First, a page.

Surviving Water

salt purple
waving cold
bobbing and watching
blocks of dry light
lives of the elderly
in high concrete stacked
on the coast,
somewhere OK to die
and gaze out
over the great sea.

I swim with my mother
tide mindful
as evening folds
down on the dim
peopled beach
where we talked of
drowning all summer
and say ‘if night came with no feet
on the land we’d just
watch that tall building

stay in the water in
line in the dark
with the windows and wait
for rescue or dawn gulls
or ships at the end
of your sight - "I don’t
fancy the cold, do you?"
but she wasn’t sure she’d remember
which block of flats to tie her life to.

near certain no one would last
as far as the morning,
we kept toes in the sand
for as long as we could swim.

Rob Yates is a young writer currently based in London and originally from Essex. He has released a small collection of poetry entitled 'The Distance Between Things'. He has also had work appear in Agenda, Envoi, Bodega, and other literary magazines. Some of his writing and recordings can be found via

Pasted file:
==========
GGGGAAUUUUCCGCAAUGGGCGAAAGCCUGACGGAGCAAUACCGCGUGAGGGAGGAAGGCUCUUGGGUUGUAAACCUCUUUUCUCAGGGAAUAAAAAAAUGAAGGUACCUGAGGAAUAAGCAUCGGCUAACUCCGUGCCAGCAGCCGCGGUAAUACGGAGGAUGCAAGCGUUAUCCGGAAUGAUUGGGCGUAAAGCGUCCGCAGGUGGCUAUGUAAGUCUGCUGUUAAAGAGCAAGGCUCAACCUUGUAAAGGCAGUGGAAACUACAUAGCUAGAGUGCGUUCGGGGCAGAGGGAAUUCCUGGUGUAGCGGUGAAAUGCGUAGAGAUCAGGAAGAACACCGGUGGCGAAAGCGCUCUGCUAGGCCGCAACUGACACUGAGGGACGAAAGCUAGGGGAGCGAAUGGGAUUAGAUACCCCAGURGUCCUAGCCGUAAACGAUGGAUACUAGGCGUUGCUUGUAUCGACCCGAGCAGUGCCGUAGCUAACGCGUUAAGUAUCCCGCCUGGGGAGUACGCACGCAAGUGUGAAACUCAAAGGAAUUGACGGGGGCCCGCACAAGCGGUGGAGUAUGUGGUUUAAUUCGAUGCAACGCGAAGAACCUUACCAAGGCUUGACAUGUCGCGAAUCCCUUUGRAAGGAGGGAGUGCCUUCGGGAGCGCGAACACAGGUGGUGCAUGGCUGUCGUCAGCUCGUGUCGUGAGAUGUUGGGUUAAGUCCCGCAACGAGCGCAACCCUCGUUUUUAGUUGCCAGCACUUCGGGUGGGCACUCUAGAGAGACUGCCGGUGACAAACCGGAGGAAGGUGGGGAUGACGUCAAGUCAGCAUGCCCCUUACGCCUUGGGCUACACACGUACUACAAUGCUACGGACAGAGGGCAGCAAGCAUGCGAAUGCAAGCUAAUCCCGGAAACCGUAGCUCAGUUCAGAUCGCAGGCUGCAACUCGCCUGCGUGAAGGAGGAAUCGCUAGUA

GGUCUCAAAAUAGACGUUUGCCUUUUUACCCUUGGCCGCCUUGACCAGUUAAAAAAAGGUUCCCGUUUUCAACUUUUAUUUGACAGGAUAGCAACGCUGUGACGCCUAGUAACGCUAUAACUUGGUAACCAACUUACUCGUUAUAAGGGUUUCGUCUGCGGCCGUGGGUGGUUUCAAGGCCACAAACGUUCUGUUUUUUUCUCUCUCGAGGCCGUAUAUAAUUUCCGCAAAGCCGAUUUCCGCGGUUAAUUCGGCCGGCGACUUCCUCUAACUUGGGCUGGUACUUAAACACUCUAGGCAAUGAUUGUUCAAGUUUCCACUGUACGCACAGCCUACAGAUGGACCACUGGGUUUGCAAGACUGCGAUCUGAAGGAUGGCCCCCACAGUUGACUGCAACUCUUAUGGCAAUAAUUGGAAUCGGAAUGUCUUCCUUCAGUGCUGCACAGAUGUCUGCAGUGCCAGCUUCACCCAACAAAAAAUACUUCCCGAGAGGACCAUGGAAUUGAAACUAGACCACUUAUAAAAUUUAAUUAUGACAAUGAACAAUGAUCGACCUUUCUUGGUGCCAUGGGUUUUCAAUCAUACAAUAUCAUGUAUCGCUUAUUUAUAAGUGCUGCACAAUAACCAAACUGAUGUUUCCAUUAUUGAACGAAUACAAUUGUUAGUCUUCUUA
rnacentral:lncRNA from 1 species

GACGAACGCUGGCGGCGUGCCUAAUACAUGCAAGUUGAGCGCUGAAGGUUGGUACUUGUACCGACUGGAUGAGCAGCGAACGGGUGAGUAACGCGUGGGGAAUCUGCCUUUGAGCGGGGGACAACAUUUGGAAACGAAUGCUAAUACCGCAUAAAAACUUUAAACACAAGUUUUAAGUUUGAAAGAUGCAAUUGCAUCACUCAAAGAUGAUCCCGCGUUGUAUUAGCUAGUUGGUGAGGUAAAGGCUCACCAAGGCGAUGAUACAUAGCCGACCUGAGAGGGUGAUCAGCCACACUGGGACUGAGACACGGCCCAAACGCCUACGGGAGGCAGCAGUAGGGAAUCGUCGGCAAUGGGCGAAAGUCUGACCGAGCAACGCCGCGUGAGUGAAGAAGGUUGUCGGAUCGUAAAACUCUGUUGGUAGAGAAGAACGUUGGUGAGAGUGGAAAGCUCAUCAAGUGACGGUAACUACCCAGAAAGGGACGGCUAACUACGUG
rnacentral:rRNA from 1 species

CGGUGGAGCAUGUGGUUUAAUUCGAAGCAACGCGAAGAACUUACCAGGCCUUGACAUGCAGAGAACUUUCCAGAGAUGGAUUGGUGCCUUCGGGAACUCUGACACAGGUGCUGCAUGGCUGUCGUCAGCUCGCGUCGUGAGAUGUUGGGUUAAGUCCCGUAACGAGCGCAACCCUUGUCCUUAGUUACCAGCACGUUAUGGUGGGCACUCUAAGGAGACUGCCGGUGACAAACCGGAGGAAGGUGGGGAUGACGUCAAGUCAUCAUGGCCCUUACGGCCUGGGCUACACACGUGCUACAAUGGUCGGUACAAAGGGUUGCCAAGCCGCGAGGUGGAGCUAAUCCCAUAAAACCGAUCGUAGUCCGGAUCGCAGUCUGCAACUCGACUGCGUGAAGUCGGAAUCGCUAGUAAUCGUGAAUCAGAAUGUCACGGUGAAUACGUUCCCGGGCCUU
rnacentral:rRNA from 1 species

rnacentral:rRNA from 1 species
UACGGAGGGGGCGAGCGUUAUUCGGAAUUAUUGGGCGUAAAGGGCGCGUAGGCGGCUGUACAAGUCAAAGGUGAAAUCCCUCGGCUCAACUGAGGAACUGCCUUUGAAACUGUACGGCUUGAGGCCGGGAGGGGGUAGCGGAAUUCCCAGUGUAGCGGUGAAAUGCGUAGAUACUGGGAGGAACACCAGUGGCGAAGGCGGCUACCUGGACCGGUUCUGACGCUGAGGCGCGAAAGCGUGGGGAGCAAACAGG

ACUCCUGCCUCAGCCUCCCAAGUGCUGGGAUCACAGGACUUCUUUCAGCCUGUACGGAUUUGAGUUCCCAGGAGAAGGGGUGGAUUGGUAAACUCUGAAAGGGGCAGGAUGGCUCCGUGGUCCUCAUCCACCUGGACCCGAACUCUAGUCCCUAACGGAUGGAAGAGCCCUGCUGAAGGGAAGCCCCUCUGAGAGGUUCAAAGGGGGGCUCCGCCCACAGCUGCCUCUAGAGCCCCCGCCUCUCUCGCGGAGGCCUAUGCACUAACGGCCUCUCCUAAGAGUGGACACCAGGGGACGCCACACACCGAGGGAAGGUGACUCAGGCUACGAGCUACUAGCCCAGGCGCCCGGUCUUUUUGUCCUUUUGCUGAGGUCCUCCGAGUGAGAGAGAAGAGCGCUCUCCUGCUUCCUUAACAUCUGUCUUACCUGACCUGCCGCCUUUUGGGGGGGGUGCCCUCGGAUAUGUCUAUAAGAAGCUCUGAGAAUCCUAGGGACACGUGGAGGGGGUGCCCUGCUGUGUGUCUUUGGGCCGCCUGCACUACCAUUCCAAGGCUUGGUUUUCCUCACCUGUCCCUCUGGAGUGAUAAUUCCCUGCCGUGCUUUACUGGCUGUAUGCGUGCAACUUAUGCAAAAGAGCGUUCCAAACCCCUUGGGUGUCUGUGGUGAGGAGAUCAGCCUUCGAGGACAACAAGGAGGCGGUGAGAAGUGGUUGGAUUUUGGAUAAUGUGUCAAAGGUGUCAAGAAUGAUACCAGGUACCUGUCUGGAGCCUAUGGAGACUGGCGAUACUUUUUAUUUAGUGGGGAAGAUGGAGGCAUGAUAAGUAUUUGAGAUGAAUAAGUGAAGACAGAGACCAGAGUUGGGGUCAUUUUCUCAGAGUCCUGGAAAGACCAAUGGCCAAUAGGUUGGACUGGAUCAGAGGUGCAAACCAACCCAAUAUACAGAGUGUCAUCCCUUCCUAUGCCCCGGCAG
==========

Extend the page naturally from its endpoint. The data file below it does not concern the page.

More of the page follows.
kyrah gomes is a 17 year old student from NYC who loves poetry, literature, and authentic self-expression. her work has been featured in Cathartic Literary Magazine and other online publications. 

an ode to patellar contusions

my scraped knees are tinted with the primary colored paint 

of the schoolyard. the memories have cheapened but they hurt still,

sepia-toned yet somehow fresher than morning dew. 

i scrubbed at them with the bristles of dollar-store toothbrushes

dipped in rubbing alcohol, secretly relishing the burn. the scratches

on my palm disappear in the daylight, simple wounds of self-protection. 


sometimes i pick at the half-healed scabs, pink-backed and ringed in white. every year has added another layer, but my mother’s fingers peel the 

barbed-wire worries from my skin. suddenly i am nine years old again, 

made of strawberry jam, in a world as soft as rabbit fur - not innocent,

but still simple. i want to wrap these moments in silk and swallow them,

settled inside my heart forever, right between my aorta and right atrium 

so they can trickle slowly into my pulse. the world has shifted since then,

but the sun still knows all of my secrets, like how i still count my steps

endlessly in my head, one-two-three, always with the right foot first, 

a teabag steeped in superstition and perched on the edge of bitterness.

my mother, my muse - i vow to wear my bruised knees and bright colors

proudly like she taught me, swim in the midnight gulf of my dreams, 

hold my heart in my hands and let beams of sunlight shine through the cracks. for now i make her orange-scented scones, drizzle them in a sticky-sweet glaze of all the things i am unsure of how to say - thank you, i’m sorry, i love you.